Here at CourtReference, we’ve quite familiar with the court systems in every state. Unless you have business with courts in many different states, you may not be aware of how different court systems can be from state to state.
The basic structure is not so different; each state usually has a trial court in which the parties argue both the facts and the law in front of a judge or jury. The judge decides how to apply the law, and the judge or jury decides which facts are true and which are not – in other words, which party … Read More
Every state court system has an administrative branch that manages the court system’s internal operations. It is most often named the Administrative Office of the Courts (as in Washington), but may also be called the Office of Judicial Administration (as in Kansas), Office of the State Court Administrator (as in Colorado , the Chief Court Administrator (as in Connecticut), the Division of State Court Administration (as in Indiana), the Director of State Courts (as in Wisconsin), and even the Office of the Executive Secretary (as in Virginia).
These administrative offices are usually under the … Read More
In our earlier post about court calendars, we discussed various types of court calendars and dockets. When using CourtReference to find court calendars and dockets, remember that these are are usually a detailed list of upcoming hearings, with information about the time and location of the hearing and the name of the case or parties; here’s an example from McLean County, IL. Dockets and calendars often include additional details about the case, such as this one from Dane County, WI with a link to each judge’s weekly calendar; each case on the calendar includes a linked case number … Read More
Last month we discussed judges (Justices of the Peace and Magistrates) who are not required to have law degrees, and whose courts have jurisdiction over areas larger than a city or town. Judges of city, town, village, and other municipal courts in many states are also not required to have law degrees or be practicing lawyers. These judges only have geographical jurisdiction over their own municipality, and in many states their subject-matter jurisdiction is limited to violations of the municipality’s ordinances.
We reviewed New York’s Town Courts and Village Courts in a 2010 post; with over 1200 such courts, … Read More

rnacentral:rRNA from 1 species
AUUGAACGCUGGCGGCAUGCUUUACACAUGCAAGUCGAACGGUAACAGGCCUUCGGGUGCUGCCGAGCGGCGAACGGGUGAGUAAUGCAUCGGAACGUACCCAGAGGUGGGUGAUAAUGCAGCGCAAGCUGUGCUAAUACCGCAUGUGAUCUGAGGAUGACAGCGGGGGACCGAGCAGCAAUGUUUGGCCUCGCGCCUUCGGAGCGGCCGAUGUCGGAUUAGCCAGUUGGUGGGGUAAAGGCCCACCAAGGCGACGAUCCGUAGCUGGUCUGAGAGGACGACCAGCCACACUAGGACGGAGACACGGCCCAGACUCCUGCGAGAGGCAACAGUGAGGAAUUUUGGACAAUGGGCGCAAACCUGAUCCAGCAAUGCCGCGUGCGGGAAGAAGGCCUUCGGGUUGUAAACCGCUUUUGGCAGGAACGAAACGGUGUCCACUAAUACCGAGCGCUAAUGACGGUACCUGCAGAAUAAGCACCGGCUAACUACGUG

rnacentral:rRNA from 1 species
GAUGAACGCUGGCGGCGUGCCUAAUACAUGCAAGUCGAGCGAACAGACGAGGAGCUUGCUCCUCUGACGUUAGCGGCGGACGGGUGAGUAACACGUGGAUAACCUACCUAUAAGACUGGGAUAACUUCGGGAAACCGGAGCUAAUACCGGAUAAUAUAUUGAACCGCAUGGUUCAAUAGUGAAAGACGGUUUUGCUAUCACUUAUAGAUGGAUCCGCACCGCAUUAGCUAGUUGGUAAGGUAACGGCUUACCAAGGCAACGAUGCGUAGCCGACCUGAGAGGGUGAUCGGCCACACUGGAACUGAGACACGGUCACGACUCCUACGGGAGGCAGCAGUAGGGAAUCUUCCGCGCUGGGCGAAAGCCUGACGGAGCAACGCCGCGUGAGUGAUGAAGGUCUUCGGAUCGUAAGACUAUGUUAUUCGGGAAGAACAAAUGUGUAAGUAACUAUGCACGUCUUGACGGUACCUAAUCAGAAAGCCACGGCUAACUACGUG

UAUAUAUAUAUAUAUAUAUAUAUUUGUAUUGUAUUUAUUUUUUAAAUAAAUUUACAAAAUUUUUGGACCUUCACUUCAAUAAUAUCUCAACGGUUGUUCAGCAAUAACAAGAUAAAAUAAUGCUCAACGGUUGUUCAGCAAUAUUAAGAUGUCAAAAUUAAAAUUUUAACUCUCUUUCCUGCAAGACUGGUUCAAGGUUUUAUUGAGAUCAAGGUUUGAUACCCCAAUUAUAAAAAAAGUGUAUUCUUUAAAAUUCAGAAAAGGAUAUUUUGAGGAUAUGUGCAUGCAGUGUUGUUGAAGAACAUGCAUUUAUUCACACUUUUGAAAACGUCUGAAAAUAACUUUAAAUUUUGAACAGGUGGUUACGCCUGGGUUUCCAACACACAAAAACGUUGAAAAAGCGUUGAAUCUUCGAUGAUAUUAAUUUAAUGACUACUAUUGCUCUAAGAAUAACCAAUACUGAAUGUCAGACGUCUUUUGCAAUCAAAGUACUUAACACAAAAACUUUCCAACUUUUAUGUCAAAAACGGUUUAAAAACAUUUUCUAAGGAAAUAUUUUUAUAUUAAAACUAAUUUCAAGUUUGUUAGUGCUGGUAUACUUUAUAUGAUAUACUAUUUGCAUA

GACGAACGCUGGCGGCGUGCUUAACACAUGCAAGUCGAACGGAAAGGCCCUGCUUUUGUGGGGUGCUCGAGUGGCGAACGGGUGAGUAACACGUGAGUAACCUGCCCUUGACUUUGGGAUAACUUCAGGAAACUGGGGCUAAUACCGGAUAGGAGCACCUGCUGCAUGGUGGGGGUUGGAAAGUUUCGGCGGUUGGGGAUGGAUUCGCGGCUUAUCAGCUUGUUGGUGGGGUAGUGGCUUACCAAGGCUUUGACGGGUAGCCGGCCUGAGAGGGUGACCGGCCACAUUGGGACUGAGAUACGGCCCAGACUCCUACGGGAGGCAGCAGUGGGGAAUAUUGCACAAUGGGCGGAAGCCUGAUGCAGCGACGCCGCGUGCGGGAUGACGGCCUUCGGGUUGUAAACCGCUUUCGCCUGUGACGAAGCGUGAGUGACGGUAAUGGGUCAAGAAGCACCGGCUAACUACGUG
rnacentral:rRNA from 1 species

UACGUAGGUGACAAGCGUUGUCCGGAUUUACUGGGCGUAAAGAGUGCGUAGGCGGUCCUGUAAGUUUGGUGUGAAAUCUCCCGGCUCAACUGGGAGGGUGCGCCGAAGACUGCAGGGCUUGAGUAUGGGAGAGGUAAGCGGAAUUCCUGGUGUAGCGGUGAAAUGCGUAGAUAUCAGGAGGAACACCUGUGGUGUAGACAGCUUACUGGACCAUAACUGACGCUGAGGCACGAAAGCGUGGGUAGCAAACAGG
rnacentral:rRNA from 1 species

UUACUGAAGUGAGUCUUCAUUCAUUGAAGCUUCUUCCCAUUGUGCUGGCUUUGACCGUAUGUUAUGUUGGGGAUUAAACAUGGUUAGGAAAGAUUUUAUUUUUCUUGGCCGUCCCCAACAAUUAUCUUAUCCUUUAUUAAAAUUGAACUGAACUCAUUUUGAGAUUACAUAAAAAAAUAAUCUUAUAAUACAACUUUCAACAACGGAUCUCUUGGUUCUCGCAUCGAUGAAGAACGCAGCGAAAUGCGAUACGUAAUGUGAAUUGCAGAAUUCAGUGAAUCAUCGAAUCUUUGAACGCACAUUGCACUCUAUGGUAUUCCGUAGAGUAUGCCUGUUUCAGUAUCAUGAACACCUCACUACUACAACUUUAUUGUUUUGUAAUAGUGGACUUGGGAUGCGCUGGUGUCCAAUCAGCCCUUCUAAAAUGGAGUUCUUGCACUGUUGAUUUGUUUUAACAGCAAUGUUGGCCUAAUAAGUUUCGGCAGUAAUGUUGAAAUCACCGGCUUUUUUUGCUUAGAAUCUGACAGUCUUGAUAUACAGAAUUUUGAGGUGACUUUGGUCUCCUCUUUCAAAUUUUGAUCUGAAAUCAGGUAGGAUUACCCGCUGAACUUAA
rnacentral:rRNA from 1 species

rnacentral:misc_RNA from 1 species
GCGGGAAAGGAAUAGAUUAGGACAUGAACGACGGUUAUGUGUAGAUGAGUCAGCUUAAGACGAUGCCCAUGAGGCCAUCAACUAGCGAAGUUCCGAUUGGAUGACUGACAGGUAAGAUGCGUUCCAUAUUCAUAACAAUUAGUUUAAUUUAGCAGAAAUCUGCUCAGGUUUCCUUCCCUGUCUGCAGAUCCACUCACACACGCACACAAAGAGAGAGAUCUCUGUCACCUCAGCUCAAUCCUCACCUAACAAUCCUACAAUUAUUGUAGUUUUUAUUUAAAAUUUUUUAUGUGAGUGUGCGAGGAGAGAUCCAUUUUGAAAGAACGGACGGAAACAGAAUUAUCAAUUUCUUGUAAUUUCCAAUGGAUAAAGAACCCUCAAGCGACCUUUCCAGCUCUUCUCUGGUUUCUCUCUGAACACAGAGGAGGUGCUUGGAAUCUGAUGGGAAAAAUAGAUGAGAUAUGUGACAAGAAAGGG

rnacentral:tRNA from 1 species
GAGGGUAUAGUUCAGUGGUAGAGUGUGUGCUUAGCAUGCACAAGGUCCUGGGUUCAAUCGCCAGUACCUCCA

In an article entitled “Halt to Development in Flood Plains Sought” in The Seattle Times, dated March 28, 2012, by Phuong Le, The Associated Press, the National Wildlife Federation asked a Seattle federal judge to issue an injunction to stop the Federal Emergency Management Agency (FEMA) from issuing flood-insurance for certain flood-prone areas in Washington’s Puget Sound area. An injunction would temporarily block new development in various habitat areas around the Puget Sound area.
The Federation alleges that FEMA’s flood-insurance program encourages construction in floodplains where endangered species are being harmed. However, according to FEMA, the Federation hasn’t shown that … Read More
Among the many types of public information available on our “Free Public Records Search Directory” you can access the salaries of various federal, state, and county employees. Some of the databases are maintained by newspapers from around the country. Others are maintained by State agencies. Some of the sites provide an accounting of federal or state expenditures, while others allow a salary search of individual employees or positions.
Using the “Federal Employees” website, you can search salaries by name, agency or job title. You can also access the salaries of “U.S. Postal Service” employees by name … Read More
Here at CourtReference, we are always on the look-out for new resources to help our users search for court records. These days, many courts provide online access to a whole range of records, from criminal cases to probate estates to divorce proceedings. What about records that are sealed from public view, though? Searching for information about sealed records can be endlessly frustrating unless you know where to look. Recently, we came across a link in Wisconsin regarding adoption record searches that we hope will prove useful to you.
The first thing to know about searching for adoption records is … Read More
Courts designed to help non-violent offenders who have substance abuse or mental health problems have been around for several years. See our blog posts about Mental Illness Case Information from April 2008 and Drug Courts from October 2008. The idea behind these courts is that incarceration is not likely to fix substance abuse or mental illness, but that people with these problems can be successfully treated and kept out of the criminal justice system. Treatment is significantly cheaper than incarceration and has a better chance of reducing recidivism.
Aside from their special focus, these courts don’t use the same adversarial … Read More
If a government job appeals to you, this information should make your search much easier. Many states offer government job searches by location.
The State of Texas has a great website for employers and employees called “Work in Texas.” The section for employees can be searched by occupation, by hiring agency, by job type and by location such as zip code or region. The website allows job seekers to register in order to take advantage of other free services such as email notifications, resume building and other career tools.
The section for employers allows potential employers to post … Read More